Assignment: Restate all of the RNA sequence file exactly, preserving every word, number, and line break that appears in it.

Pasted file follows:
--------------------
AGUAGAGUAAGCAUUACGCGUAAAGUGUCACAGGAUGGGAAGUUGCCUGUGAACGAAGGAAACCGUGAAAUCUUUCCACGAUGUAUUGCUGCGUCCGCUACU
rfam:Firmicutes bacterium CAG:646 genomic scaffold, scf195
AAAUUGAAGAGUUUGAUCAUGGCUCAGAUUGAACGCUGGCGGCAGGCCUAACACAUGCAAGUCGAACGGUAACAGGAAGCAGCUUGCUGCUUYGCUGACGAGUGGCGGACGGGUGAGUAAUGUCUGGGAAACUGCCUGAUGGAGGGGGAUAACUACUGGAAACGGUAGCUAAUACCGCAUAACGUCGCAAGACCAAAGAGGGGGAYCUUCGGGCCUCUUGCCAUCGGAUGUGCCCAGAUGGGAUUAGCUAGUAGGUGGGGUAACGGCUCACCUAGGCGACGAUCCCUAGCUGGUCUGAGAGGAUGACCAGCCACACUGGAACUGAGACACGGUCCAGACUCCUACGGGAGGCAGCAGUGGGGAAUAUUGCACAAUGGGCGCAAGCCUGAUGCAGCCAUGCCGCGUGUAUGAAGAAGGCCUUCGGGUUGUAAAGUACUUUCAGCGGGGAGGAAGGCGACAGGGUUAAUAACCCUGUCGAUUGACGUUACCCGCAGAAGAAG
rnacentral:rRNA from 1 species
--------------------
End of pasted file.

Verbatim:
AGUAGAGUAAGCAUUACGCGUAAAGUGUCACAGGAUGGGAAGUUGCCUGUGAACGAAGGAAACCGUGAAAUCUUUCCACGAUGUAUUGCUGCGUCCGCUACU
rfam:Firmicutes bacterium CAG:646 genomic scaffold, scf195
AAAUUGAAGAGUUUGAUCAUGGCUCAGAUUGAACGCUGGCGGCAGGCCUAACACAUGCAAGUCGAACGGUAACAGGAAGCAGCUUGCUGCUUYGCUGACGAGUGGCGGACGGGUGAGUAAUGUCUGGGAAACUGCCUGAUGGAGGGGGAUAACUACUGGAAACGGUAGCUAAUACCGCAUAACGUCGCAAGACCAAAGAGGGGGAYCUUCGGGCCUCUUGCCAUCGGAUGUGCCCAGAUGGGAUUAGCUAGUAGGUGGGGUAACGGCUCACCUAGGCGACGAUCCCUAGCUGGUCUGAGAGGAUGACCAGCCACACUGGAACUGAGACACGGUCCAGACUCCUACGGGAGGCAGCAGUGGGGAAUAUUGCACAAUGGGCGCAAGCCUGAUGCAGCCAUGCCGCGUGUAUGAAGAAGGCCUUCGGGUUGUAAAGUACUUUCAGCGGGGAGGAAGGCGACAGGGUUAAUAACCCUGUCGAUUGACGUUACCCGCAGAAGAAG
rnacentral:rRNA from 1 species